Glad you asked.

Here's the price range on a 46" flat-panel Sony TV (KDL-46XBR4), on some popular internet retailers: $2719.96 $2969.99 $2699.99
( $3099.99)


And here's the price range on a Canon EOS40D kit (with 28-135mm lens) $1399.99 $1499.99 $1399.99

That's wacky, isn't it? What gives?

At least two things.

First, the strategy of randomization comes into play. All things being equal, it acutally pays to randomize your price from time to time within a certain price range. Why?

  • You can attract price sensitive customers when you're the cheapest game in town.
  • At the same time, you can charge many customers who are less price sensitive and have built a relationship with you a slightly better price, depending on when they make their purchase. Further, by offering a price guarantee, many retailers ensure that loyal but price sensitive customers don't feel screwed - if they see a lower price on the same website within 30 days, customers can ask for and get a refund of the difference. Most won't.
    Just because information exists doesn't mean people use it. You'd think most people would comparison shop for big ticket items, but there's a surprising number who don't. Once a vendor acquires a reputation for pricing reasonably, many people will just assume their price is pretty close to the best price they can get and buy from them repeatedly. Of course, the vendor has to make charging a low price part of their strategy for this to work. One or two bad experiences will drive "trust" shoppers away in droves.
  • It makes it less likely that you and your competition will get into a price war and drive the prices down to a level where nobody's making much money.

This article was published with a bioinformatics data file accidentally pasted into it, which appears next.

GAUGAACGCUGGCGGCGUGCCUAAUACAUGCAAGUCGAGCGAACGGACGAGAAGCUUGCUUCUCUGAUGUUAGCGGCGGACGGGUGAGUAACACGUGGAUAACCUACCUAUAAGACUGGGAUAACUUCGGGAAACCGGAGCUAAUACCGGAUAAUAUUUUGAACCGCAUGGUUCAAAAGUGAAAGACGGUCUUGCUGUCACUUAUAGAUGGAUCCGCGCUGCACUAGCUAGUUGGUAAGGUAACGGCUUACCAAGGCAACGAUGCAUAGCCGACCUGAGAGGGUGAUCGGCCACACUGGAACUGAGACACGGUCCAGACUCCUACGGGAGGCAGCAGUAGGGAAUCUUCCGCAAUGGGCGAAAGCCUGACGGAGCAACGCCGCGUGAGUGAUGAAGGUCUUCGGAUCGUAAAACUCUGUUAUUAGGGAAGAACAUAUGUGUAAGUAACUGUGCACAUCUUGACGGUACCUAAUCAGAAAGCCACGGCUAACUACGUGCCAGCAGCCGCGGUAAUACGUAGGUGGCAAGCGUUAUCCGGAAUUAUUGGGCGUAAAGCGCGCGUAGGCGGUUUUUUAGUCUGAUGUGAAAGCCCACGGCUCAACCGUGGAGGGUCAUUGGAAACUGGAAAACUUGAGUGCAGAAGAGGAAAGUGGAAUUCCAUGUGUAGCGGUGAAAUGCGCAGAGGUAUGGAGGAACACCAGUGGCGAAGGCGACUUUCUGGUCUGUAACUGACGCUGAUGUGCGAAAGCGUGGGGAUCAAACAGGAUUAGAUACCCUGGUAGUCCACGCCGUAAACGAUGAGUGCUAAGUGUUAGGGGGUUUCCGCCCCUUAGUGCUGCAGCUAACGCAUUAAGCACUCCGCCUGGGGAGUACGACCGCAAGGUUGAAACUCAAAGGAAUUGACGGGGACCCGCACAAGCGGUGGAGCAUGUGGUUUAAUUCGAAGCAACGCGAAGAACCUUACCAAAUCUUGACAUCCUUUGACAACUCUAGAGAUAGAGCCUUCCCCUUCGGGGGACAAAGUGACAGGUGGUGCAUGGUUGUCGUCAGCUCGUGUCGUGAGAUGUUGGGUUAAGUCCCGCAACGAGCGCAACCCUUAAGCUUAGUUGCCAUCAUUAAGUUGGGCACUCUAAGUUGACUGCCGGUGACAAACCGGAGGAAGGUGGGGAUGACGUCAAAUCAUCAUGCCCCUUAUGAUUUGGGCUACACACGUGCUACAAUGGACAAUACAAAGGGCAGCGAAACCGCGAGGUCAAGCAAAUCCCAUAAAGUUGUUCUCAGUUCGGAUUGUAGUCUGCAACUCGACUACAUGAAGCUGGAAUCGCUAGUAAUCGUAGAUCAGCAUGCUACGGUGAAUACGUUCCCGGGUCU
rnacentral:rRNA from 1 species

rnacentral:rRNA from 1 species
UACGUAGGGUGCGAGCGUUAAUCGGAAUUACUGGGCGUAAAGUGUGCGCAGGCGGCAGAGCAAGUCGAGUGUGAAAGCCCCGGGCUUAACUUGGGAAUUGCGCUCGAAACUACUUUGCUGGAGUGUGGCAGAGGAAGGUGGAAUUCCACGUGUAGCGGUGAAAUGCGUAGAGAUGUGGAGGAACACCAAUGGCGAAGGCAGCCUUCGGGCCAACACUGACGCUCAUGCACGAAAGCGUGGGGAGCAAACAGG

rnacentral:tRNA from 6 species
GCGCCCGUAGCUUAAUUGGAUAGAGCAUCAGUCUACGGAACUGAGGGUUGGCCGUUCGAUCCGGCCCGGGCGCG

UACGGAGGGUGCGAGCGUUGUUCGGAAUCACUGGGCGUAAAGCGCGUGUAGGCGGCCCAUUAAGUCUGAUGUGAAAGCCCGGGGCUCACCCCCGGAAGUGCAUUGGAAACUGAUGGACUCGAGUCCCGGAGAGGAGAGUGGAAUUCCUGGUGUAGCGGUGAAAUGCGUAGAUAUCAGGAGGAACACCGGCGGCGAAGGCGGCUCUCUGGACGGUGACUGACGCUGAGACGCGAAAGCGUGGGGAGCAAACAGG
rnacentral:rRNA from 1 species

In other words, price randomization within a certain range is a Nash Equilibrium - nobody can do better by unilaterally changing their strategy because they'll either make near-zero profits on every deal (by always charging the lowest possible price), or they'll bleed customers, and eventually money (by consistently pricing higher).

Second, the customer experience and additional benefits offered still create opportunities for pricing differently. Despite being well-known brands, Amazon has a very different customer experience than Best Buy or Circuit City (with Circuit City, IMHO, being the worst of the three, and Amazon up-and-away the best). Creating a superior customer experience costs money. Customers understand this, and the people who value the experience are willing to pay for it. A product is never just a product. This is the same reason why outlet shopping and traditional retail can coexist at significantly different price points - for some people, the outlet shopping experience makes the lower prices unattractive.

But what really surprised me is that Best Buy had higher prices for both the products I chose above, and the prices were significantly higher. One possible explanation is that the brand association with electronics is strong enough and carries over from the brick-and-mortar stores to the web so that lots of people who want to shop for big box items online automatically shop at, and the difference in margin more than makes up for those who don't . Another possible explanation is that Best Buy doesn't yet get this online thing. :)